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The Mori Struggle: Once Were Warriors
Set in the backdrop of Auckland, New Zealand, Once Were Warriors follows the life of the Hekes, a contemporary Mori family, as they struggle with cultural degradation that manifests in domestic violence.
Set in the backdrop of Auckland, New Zealand, Once Were Warriors follows the life of the Hekes, a contemporary Mãori family, as they struggle with cultural degradation that manifests in domestic violence.
Beth Heke, played by Rena Owen, is the mother of three children and wife of Jake "the Muss" Heke. Played by Temuera Morrison, Jake is nicknamed for his physical presence, "the Muss" being short for "Muscles."
The couple's life started under the disapproving eye of Beth Heke's traditional family who are steeped in the old ways of the Mãori culture. Her husband is an example of how those traditions are jeopardized in a sub-culture of gangs and lost directives.
Married for eighteen years, Jake and Beth live in a slum with their five children. Jake is perpetually out of work and what little money that comes into their life is spent on alcohol and entertaining Jake's questionable acquaintances.
Beth struggles to balance between appeasing her husband's insatiable partying and leading her children along the path of life with traditional Mãori values. Jake's violent temper continually disrupts her efforts and squelches her will.
The Heke's five children find home life a frightening and unstable experience. It is often Grace, the eldest daughter, who manages cleaning, feeding and attending to her younger siblings. Her efforts are often futile as the large crowds of partiers that are welcomed by her father drain the family's cash and food and leave their home in tatters.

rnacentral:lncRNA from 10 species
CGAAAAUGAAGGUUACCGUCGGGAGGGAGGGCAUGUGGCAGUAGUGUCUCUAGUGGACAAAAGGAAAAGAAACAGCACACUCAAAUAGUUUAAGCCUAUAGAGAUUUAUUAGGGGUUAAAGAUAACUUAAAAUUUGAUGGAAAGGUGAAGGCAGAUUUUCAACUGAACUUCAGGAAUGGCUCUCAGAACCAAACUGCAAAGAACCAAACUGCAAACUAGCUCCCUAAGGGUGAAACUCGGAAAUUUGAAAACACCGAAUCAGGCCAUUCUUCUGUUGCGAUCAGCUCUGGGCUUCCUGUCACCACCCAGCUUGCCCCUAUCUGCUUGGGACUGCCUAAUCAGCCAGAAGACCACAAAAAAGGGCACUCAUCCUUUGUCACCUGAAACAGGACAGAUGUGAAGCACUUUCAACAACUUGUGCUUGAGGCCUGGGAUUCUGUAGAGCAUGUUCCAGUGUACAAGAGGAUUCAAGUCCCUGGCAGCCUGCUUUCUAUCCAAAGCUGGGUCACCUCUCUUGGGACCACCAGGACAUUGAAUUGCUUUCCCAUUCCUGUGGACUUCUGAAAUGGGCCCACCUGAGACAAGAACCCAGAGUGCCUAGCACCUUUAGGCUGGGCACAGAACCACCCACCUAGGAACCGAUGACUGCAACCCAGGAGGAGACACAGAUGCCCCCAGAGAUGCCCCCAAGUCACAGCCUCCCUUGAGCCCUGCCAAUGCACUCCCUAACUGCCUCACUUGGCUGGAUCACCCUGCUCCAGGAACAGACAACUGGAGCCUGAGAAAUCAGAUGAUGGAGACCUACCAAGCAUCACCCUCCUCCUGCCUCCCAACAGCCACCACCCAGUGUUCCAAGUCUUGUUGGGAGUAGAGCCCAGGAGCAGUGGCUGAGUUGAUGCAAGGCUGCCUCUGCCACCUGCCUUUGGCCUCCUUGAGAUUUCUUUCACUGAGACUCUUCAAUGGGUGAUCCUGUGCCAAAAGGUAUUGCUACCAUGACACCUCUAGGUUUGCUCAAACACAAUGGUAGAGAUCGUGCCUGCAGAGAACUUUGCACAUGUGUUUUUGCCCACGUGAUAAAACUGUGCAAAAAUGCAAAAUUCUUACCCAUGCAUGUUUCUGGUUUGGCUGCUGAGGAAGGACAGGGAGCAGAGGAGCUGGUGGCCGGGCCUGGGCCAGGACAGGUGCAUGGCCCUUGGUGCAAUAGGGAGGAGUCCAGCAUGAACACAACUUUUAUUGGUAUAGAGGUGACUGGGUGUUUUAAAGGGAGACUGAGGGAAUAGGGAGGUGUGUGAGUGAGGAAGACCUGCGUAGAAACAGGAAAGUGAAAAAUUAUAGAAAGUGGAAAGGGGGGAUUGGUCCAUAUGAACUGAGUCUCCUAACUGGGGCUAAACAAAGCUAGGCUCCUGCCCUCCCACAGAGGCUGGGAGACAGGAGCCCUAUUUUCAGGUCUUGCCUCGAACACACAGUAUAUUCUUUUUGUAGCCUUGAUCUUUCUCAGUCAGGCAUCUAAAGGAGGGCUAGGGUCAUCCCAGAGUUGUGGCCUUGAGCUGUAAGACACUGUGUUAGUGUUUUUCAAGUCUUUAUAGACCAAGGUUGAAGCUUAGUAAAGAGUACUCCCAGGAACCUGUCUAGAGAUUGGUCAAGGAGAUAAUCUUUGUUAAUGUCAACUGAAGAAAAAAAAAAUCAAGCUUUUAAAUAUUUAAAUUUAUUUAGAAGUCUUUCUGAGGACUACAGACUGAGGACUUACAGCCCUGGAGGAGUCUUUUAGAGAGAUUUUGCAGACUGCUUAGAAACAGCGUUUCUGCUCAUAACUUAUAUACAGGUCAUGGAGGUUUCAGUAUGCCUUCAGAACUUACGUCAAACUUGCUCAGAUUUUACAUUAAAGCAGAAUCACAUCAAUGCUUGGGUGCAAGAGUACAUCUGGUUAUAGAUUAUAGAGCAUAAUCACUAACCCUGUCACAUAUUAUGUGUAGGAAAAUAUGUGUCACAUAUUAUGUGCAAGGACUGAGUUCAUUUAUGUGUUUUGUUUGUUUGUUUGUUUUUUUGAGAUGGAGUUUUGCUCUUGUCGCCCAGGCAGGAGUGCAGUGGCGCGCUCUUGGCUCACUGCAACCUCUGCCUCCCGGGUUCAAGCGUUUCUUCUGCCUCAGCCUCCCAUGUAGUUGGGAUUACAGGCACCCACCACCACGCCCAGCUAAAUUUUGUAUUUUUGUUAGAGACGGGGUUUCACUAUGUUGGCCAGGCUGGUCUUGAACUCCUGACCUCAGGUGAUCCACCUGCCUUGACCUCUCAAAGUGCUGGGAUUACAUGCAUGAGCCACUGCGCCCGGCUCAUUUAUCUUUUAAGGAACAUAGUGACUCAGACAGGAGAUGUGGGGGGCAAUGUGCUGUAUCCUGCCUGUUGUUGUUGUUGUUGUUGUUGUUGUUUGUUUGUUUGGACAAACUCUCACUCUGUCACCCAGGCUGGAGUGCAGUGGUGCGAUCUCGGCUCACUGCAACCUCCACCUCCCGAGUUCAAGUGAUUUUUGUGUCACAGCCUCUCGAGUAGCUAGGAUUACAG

Jake presents himself as an easy going guy out for a good time but his temper creates constant tension. It takes only a moment for him to lash out and his wife is often the object of his beatings. During one party, Jake's anger turns into a savage attack of Beth in front of their friends, none of which step in to defend her as her husband brutally beats and rapes her.
The Heke's children are adrift amid their parent's dysfunctional relationship. The eldest son, Nig, is dispelled by his father's brutal behavior and finds a new family in a street gang where his initiation includes a savage beating and facial tattoos.
The second son, Mark, is placed in a state home for his history of minor criminal offences. Although traumatic, the event transforms Mark's life as he finds a new mentor and discovers his rich Mãori heritage.
Their thirteen-year-old daughter Grace attempts to escape through her writing, she journals her frustration and angst. She shares her fear with the only friend she has, a drug-addicted homeless boy named Toot who lives in a wrecked car under the highway. Toot is the only person who listens to her and truly cares.
The film's climax heightens the brutality of the Heke's life and highlights the danger that is their children's reality. The partying, the alcohol and the dysfunctional environment of Jake and Beth's life lead to an irreversible event that shakes them as parents.
Jake continues on his destructive path but the incident frees Beth from the chains of her soulless life with her brutal husband. She discovers her strength, dormant but still pulsing with the dignity of her ancestor's heritage. With her new determination, she begins reassembling her identity, her family and after a long, dark past begins looking to the future.
Once Were Warriors was New Zealand's first indigenous blockbuster. Its startling interpretation of the struggle of modern day Mãori culture is as difficult to turn away from as it is to watch.